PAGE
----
Brown, who suffered a head injury in the blowout, testified that workers were under pressure to finish and seal the exploratory well quickly. Other testimony suggested the project might have been as much as $22 million over budget.
"It was passed around ... that this well was taking too long and (BP was) in a hurry to complete it so they could move on to the next," Brown testified.
Just before 9:45 p.m. on the night of the blowout, Brown said he heard an "extremely loud air-leak sound" that didn't sound normal.
Gas alarms started blaring. Someone over the radio announced a "well-control situation."
Engines Nos. 3 and 6, the only ones in operation, appeared to be speeding up. "I heard them revving up higher and higher and higher," Brown said. Soon afterward, electrical power went out.
Safety devices designed to shut down runaway engines failed, and he had no authority or instructions to them shut down manually.
That action could have been critical, as flammable and odorless gas began spreading through the rig from the blown-out well. Engine 3 was closest to the air intake system.
"If I would have shut down those engines," Brown said, "it could have stopped (them) as an ignition source."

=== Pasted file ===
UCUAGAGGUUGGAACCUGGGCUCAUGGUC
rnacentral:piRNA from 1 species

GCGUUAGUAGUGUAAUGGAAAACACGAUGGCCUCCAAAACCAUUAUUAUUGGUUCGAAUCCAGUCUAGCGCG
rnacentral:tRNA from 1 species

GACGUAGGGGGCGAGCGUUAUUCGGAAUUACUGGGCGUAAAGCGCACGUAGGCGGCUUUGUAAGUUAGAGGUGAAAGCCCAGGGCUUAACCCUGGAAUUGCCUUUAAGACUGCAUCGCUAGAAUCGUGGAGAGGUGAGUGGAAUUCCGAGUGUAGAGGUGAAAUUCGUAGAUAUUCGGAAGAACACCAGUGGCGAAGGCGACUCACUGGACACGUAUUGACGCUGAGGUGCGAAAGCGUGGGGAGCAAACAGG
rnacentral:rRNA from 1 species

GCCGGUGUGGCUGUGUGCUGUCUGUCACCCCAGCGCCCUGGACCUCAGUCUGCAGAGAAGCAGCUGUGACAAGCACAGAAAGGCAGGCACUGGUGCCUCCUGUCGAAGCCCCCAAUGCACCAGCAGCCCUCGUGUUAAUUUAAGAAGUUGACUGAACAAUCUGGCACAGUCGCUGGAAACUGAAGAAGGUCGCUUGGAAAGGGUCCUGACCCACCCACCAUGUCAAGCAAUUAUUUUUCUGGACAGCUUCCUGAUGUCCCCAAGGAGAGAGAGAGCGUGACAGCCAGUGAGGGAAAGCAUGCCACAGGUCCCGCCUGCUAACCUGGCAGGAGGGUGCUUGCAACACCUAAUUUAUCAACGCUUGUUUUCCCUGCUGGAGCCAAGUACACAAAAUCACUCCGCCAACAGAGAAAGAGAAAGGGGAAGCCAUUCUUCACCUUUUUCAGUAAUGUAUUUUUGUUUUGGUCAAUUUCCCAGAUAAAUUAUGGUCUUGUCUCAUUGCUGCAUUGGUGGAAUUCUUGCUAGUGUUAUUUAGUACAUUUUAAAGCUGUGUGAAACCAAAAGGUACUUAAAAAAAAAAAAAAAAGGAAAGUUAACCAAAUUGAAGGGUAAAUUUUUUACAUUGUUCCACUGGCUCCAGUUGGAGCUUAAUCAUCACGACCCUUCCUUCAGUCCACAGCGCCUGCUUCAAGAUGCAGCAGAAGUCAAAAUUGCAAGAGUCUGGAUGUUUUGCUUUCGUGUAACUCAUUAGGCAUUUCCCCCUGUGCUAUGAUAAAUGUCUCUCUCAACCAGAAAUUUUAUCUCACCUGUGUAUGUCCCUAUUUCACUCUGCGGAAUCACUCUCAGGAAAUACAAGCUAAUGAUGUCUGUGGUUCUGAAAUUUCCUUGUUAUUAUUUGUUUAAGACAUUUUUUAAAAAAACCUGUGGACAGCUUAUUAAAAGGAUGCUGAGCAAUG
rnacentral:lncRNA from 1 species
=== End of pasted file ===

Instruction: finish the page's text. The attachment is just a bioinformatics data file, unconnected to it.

Experts had suggested earlier that a tendril of gas sucked into the rig's engines caused the fire.
Brown confirmed that the first explosion came from the port side, near engine No. 3, and it was strong enough to hurl him against a control panel and into a tangle of cable trays and wires. A second explosion shook the control room, Brown said, and the ceiling of the engine room fell on him.
"I started hearing people screaming and calling for help, that they were hurt, they needed to get out of here," Brown said.
He and another man who was bleeding profusely from his forehead crawled out of the rubble. Brown hurried to the back deck, where he saw the oil derrick in flames. He described a scene of chaos: People screamed; they cried. He heard later that some had jumped overboard.
Brown headed toward a lifeboat, where the person taking a head count was nearly frozen in shock. "This was a man who's known me for nine years and he could not even remember my name," Brown said.
The order was given to abandon ship. Brown later was airlifted for treatment of his injuries.
Carl Smith, an expert witness from Diamond Offshore Drilling, later testified that there was sometimes tension between "company men" and the rig crew. Diamond Offshore was not involved in the operation.
Smith also raised questions about BP's apparent rush to finish the job. He and other experts interviewed have emphasized that the crew's priority should have been to monitor the well. Monitoring wells involves watching fluid spew from outtake systems; if more comes out than expected, it could mean there is leak in the hole.
Smith, however, said he believed the heart of the accident was an "engineering problem" that allowed the initial failure deep in the well. "This is a below-the-mud-line, down-the-well engineering problem," he said.
Information from McClatchy Newspapers is included in this report.